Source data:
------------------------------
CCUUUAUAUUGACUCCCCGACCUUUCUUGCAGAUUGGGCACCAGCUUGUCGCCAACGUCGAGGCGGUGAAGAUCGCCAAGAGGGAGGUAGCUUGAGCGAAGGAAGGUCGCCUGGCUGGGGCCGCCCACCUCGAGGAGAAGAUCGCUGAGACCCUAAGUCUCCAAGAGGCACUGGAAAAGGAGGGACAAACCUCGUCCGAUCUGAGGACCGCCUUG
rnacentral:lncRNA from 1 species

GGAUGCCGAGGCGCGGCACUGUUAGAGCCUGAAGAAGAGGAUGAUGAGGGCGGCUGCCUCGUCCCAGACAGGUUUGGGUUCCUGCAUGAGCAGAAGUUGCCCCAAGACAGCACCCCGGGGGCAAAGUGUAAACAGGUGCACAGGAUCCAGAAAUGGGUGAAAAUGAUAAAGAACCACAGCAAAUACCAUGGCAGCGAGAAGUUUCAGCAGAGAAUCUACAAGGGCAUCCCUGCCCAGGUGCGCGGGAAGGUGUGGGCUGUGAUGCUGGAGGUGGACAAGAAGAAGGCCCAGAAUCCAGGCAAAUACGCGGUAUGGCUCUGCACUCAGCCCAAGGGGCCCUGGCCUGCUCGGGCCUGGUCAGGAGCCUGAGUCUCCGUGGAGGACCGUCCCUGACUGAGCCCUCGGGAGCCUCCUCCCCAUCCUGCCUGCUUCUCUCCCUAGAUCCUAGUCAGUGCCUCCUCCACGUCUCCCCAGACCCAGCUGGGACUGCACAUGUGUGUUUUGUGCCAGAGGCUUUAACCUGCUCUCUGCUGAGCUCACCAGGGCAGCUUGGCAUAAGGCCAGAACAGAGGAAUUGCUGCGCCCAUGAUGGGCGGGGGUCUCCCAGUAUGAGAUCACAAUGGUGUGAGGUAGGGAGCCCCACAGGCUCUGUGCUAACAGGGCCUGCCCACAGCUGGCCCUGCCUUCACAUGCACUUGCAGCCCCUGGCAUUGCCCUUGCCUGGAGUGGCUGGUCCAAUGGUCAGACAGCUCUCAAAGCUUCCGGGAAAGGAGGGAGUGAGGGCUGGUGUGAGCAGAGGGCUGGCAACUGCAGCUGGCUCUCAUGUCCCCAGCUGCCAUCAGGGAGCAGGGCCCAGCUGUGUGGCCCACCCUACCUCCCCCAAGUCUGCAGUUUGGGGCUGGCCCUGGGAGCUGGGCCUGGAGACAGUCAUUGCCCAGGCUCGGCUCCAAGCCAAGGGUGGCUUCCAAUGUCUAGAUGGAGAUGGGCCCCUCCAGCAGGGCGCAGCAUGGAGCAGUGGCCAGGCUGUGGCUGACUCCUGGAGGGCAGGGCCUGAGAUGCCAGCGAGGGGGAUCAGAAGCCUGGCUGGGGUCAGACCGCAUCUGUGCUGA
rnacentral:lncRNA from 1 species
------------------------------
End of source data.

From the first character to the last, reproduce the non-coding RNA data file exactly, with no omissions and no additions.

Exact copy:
CCUUUAUAUUGACUCCCCGACCUUUCUUGCAGAUUGGGCACCAGCUUGUCGCCAACGUCGAGGCGGUGAAGAUCGCCAAGAGGGAGGUAGCUUGAGCGAAGGAAGGUCGCCUGGCUGGGGCCGCCCACCUCGAGGAGAAGAUCGCUGAGACCCUAAGUCUCCAAGAGGCACUGGAAAAGGAGGGACAAACCUCGUCCGAUCUGAGGACCGCCUUG
rnacentral:lncRNA from 1 species

GGAUGCCGAGGCGCGGCACUGUUAGAGCCUGAAGAAGAGGAUGAUGAGGGCGGCUGCCUCGUCCCAGACAGGUUUGGGUUCCUGCAUGAGCAGAAGUUGCCCCAAGACAGCACCCCGGGGGCAAAGUGUAAACAGGUGCACAGGAUCCAGAAAUGGGUGAAAAUGAUAAAGAACCACAGCAAAUACCAUGGCAGCGAGAAGUUUCAGCAGAGAAUCUACAAGGGCAUCCCUGCCCAGGUGCGCGGGAAGGUGUGGGCUGUGAUGCUGGAGGUGGACAAGAAGAAGGCCCAGAAUCCAGGCAAAUACGCGGUAUGGCUCUGCACUCAGCCCAAGGGGCCCUGGCCUGCUCGGGCCUGGUCAGGAGCCUGAGUCUCCGUGGAGGACCGUCCCUGACUGAGCCCUCGGGAGCCUCCUCCCCAUCCUGCCUGCUUCUCUCCCUAGAUCCUAGUCAGUGCCUCCUCCACGUCUCCCCAGACCCAGCUGGGACUGCACAUGUGUGUUUUGUGCCAGAGGCUUUAACCUGCUCUCUGCUGAGCUCACCAGGGCAGCUUGGCAUAAGGCCAGAACAGAGGAAUUGCUGCGCCCAUGAUGGGCGGGGGUCUCCCAGUAUGAGAUCACAAUGGUGUGAGGUAGGGAGCCCCACAGGCUCUGUGCUAACAGGGCCUGCCCACAGCUGGCCCUGCCUUCACAUGCACUUGCAGCCCCUGGCAUUGCCCUUGCCUGGAGUGGCUGGUCCAAUGGUCAGACAGCUCUCAAAGCUUCCGGGAAAGGAGGGAGUGAGGGCUGGUGUGAGCAGAGGGCUGGCAACUGCAGCUGGCUCUCAUGUCCCCAGCUGCCAUCAGGGAGCAGGGCCCAGCUGUGUGGCCCACCCUACCUCCCCCAAGUCUGCAGUUUGGGGCUGGCCCUGGGAGCUGGGCCUGGAGACAGUCAUUGCCCAGGCUCGGCUCCAAGCCAAGGGUGGCUUCCAAUGUCUAGAUGGAGAUGGGCCCCUCCAGCAGGGCGCAGCAUGGAGCAGUGGCCAGGCUGUGGCUGACUCCUGGAGGGCAGGGCCUGAGAUGCCAGCGAGGGGGAUCAGAAGCCUGGCUGGGGUCAGACCGCAUCUGUGCUGA
rnacentral:lncRNA from 1 species